Friday, February 6, 2015

Taft With a Camera

Late winter in western Oregon teases us with an occasional sunny day, leading to the fragile belief that soon winter rainstorms will give way to spring rainstorms. Of course, it is all an illusion, and soon we are cold and soggy again. Even then, the resolute Oregonian will seize a slightly-less-grey day, pack a picnic and a camera, and hit the road.

One of our favorite winter destinations is the beachy little community of Taft. Tucked into the intersection of the Siletz River and the Pacific Ocean, this area offers long, sandy walks beside both the bay and the sea. 

Taft is situated at the southern end of Lincoln City. A city street leads along the north edge of Siletz Bay to a large parking area. Here you will find a covered picnic shelter (complete with fireplace) and a public pier. The shelter is quite accessible, and the pier, though a bit rough, could also be accessed by wheelchair (look on the left side to find a short concrete ramp). 

The beach begins alongside the parking lot. This whole area is a driftwood magnet; in fact, it is quite a snarl in places. People fish and crab from the pier or the beach, warming themselves at beachside fires (do not light fires in the driftwood piles; this is against the law for obvious reasons). Follow the edge of the bay (look in the waves for seals) and then walk alongside the ocean. The bar where the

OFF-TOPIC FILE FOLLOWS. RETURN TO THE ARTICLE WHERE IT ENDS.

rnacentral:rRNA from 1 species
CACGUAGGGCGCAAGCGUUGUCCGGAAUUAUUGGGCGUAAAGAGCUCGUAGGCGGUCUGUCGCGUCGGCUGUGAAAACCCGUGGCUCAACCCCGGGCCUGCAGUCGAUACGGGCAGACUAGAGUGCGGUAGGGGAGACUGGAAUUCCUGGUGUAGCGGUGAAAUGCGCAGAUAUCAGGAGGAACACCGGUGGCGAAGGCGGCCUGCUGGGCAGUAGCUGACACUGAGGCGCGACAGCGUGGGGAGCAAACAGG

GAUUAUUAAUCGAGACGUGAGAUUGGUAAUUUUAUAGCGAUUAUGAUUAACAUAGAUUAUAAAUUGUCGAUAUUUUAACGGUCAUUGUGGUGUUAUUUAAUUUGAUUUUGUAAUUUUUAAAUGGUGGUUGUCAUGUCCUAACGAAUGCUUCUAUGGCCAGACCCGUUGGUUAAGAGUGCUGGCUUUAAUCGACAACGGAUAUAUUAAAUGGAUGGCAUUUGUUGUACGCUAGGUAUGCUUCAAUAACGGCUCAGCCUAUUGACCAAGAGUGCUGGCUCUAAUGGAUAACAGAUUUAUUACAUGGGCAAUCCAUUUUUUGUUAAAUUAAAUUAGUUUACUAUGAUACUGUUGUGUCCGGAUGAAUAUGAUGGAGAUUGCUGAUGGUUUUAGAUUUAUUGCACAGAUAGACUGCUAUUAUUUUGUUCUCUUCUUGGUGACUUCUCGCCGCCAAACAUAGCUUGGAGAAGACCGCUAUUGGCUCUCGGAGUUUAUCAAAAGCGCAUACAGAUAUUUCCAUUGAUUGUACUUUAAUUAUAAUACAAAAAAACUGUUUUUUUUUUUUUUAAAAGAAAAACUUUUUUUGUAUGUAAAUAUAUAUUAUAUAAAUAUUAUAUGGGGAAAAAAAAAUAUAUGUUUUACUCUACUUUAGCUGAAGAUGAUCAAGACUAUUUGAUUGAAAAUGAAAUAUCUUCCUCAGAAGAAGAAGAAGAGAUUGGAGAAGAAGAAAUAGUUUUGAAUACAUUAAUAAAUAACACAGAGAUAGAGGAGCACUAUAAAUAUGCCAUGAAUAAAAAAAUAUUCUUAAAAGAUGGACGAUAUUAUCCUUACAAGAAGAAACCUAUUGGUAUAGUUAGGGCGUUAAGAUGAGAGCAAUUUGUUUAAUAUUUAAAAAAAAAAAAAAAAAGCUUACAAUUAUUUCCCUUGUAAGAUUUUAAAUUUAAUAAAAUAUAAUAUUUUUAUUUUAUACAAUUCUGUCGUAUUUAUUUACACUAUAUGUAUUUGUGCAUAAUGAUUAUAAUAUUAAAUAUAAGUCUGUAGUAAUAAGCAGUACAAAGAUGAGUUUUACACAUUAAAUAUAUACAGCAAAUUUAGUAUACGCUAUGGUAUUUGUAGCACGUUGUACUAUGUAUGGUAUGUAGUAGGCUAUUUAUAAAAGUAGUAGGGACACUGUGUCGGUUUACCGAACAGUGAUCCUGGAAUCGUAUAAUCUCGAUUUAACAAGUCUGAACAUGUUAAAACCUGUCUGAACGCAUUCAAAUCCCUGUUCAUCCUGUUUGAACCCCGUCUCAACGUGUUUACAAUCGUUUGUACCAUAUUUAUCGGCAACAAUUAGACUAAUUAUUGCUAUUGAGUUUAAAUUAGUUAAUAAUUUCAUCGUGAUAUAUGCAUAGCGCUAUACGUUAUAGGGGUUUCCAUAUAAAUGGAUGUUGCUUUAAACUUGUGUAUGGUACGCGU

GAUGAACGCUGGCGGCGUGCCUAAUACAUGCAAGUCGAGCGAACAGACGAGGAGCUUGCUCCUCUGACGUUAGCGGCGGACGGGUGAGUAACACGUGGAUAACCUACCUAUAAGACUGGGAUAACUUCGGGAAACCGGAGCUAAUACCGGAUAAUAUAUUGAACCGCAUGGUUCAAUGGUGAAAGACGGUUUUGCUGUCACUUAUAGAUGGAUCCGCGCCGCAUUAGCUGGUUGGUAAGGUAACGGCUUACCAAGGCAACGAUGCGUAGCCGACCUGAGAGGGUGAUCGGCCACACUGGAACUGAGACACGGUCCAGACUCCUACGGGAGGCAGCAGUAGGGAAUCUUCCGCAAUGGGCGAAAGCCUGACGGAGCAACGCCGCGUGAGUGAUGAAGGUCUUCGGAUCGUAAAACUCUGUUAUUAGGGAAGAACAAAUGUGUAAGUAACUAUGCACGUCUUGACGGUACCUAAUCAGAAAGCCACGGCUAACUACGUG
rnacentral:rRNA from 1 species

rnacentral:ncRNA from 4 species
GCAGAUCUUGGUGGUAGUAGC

two waters meet makes for excellent wave watching.

Siletz Bay tempts paddlers with its broad, smooth water. Be aware of the tide, though, because it also strands paddlers with its sticky mud flats and areas of strong current. Only paddle on an incoming tide, and dress for immersion. Stay well away from the mouth.

Crab pots can be dropped in from the pier, but small snares that can be cast from a fishing pole are also popular here. Fishermen do well in the Siletz River, but a boat is recommended and the current can be strong.

Rope burns from crab pots
Crabbing with snare traps
Year-round campers may stay in Lincoln City's Devil's Lake State Park, recommended only for its convenience to the center of town. A better campground is south of Depoe Bay and over Cape Foulweather at Beverly Beach. Despite its proximity to Highway 101, this is a nice camping spot, with yurts, a secluded hiker-biker camp, and access to a wide beach sprinkled with fossils.

So pack a picnic. Bring your camera. Wear your raingear. It's time for a road trip.

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